- Does not require inoculation with introduced rhizobia
- Leave residual N for the following cash or subsistence crops
Cover crop and residue management
- bad placement of the seeds at sowing, resulting in an uneven germination
- a cold and humid surroundings of the seeds favours the development of pests and diseases
- bringing- about allelopathy
Commonly used mixtures include:
Mixed cropping is another form of crop mixtures. For instance, maize can be mixed with pigeon pea and Crotalaria juncea both planted when the maize plants have reached a height of 30cm by using the same machine as for planting maize.
In conservation agriculture, cover crops are planted directly with minimum soil disturbance. You can plant a cover crop as an intercrop (or relay crop) or in a pure stand. For cover crops with large seeds, plant with a hand hoe, jab planters or animal drawn direct planter (for pure stands). You can broadcast cover crops with small seeds (such as finger millet), provided the soil cover is not too thick. If the soil cover is thick, sow the seeds in lines by hand or use a seed drill. The plant spacing and number of seeds per hole depend on several factors.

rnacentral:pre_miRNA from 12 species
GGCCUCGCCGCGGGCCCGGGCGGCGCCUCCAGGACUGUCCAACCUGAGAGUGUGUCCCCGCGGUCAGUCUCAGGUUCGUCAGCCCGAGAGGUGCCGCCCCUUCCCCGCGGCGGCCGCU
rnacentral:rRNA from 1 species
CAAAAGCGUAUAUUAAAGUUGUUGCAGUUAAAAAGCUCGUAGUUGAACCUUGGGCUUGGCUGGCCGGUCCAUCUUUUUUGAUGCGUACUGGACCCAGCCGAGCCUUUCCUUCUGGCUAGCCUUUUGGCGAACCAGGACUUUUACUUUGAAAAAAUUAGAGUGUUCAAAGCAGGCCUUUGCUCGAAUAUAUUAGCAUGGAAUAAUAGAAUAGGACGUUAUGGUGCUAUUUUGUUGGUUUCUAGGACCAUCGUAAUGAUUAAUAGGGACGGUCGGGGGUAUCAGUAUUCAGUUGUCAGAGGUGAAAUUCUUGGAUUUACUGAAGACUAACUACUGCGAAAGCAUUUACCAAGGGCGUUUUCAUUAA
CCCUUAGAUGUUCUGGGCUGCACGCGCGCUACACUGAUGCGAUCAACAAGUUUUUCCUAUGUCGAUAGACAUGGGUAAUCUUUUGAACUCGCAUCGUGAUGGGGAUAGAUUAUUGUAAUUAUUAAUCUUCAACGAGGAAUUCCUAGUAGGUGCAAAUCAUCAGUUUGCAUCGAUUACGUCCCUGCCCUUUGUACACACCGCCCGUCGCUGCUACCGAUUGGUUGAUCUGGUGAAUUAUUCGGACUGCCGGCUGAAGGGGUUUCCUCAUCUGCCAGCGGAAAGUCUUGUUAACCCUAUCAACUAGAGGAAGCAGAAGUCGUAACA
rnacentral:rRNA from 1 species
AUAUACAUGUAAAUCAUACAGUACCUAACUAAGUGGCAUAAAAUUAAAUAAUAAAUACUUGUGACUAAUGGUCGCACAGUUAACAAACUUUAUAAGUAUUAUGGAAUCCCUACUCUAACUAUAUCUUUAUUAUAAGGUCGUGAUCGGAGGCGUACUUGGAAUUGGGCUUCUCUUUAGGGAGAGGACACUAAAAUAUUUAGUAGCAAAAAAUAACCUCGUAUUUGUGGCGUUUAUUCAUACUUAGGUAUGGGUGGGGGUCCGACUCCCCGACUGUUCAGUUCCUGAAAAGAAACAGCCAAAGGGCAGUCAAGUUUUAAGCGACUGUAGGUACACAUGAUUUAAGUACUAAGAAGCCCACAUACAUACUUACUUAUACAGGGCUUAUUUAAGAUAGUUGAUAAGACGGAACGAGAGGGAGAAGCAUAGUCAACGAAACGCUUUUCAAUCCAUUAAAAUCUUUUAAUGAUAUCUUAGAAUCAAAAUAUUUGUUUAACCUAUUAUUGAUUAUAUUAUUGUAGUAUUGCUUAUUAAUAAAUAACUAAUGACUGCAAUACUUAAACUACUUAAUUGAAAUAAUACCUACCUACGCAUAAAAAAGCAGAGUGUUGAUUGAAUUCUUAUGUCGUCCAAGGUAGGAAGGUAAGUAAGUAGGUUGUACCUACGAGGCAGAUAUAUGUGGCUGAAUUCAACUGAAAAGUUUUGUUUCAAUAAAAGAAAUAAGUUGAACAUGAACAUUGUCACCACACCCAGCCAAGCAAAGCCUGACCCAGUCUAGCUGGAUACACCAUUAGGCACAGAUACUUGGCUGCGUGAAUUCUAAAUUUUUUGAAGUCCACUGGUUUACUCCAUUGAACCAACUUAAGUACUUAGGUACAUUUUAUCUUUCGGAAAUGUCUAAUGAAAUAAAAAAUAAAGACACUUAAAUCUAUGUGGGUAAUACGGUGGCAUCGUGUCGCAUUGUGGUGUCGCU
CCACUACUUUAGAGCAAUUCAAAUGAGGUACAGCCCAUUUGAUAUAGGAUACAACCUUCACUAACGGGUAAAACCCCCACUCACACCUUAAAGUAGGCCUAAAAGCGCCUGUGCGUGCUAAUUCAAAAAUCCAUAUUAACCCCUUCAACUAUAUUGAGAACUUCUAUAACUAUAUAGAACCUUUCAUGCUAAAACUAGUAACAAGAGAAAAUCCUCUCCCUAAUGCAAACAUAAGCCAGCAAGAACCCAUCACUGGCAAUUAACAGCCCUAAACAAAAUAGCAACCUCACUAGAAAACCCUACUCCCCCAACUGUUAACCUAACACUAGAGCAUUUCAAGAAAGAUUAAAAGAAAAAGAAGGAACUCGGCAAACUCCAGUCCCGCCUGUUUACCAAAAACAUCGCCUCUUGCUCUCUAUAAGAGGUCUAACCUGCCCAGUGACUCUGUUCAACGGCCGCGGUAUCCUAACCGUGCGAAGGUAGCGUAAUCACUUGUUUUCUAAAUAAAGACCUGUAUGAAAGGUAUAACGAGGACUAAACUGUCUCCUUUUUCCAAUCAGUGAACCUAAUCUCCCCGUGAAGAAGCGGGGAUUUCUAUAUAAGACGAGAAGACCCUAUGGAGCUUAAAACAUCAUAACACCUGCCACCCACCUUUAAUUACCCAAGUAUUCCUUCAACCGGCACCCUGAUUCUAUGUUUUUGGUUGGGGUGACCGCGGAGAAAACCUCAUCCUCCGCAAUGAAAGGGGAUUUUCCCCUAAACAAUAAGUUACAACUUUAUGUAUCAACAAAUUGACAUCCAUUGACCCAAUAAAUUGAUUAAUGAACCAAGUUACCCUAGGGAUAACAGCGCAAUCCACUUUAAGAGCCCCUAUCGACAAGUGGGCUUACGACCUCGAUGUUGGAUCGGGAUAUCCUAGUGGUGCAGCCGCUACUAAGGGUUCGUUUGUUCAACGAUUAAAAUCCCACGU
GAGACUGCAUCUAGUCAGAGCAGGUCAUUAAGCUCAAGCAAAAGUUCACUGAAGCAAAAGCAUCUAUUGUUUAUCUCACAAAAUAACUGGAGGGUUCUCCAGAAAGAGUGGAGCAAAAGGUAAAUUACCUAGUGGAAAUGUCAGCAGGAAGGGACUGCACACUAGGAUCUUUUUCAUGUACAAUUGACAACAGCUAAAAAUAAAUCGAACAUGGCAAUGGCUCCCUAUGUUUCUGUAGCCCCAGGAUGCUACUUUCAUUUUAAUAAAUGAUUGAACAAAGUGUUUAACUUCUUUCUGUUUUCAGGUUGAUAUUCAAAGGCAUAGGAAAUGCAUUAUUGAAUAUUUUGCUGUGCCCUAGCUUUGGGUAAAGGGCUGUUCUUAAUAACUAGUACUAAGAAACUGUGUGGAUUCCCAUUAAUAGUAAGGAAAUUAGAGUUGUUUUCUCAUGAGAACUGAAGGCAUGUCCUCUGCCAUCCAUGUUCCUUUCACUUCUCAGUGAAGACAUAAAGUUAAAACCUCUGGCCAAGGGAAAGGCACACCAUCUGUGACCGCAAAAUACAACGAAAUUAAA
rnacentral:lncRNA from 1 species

- Use a narrower spacing in pure stands, and a wider spacing in mixed (intercropped) stands
- Use a wider spacing in drier areas, so the plants don't compete with each other for moisture.
- The number of seeds per hole depends on the amount of moisture available: fewer seeds per hole in dry areas; more in wetter areas. In general, plant 2 - 4 seeds per hole.
|No||Common name||Scientific name||Where to get it|
|1||Groundnut||Arachis hypogaea L.||Agricultural research centres/Seed companies|
|2||Wid peanut||Arachis pintoi Krap. & Greg||Agricultural research centres/Seed companies|
|3||Pigeon pea||Cajanus cajan (L) Millsp.||Agricultural research centres/Seed companies|
|4||Calopo||Calopogonium mucunoides Desv.||Agricultural research centres/Seed companies|
|5||Jackbean||Canavalia ensiformis (L.) DC.||Agricultural research centres/Seed companies|
|6||Chick pea||Cicer arietinum L.||Agricultural research centres/Seed companies|
|7||Clitoria||Litoria ternatea L.||Agricultural research centres/Seed companies|
|8||Sunnhemp||Crotalaria juncea L.||Agricultural research centres/Seed companies|
|9||Tanzanian sunnhemp||Crotalaria ochroleuca||Agricultural research centres/Seed companies|
|10||Greenleaf desmodeum||Desmodeum intortum||Agricultural research centres/Seed companies|
|11||Silverleaf esmodeum||Desmodeum uncinatum||Agricultural research centres/Seed companies|
|12||Buckwheat||Fagopyrum esculentum||Agricultural research centres/Seed companies|
|13||Soybean||Glycine max.||Agricultural research centres/Seed companies|
|14||Hyacinth bean||Lablab purpureus||Agricultural research centres/Seed companies|
|15||Trefoil||Lotus corniculatus||Agricultural research centres/Seed companies|
|16||Sweet white lupine||Lupinus albus||Agricultural research centres/Seed companies|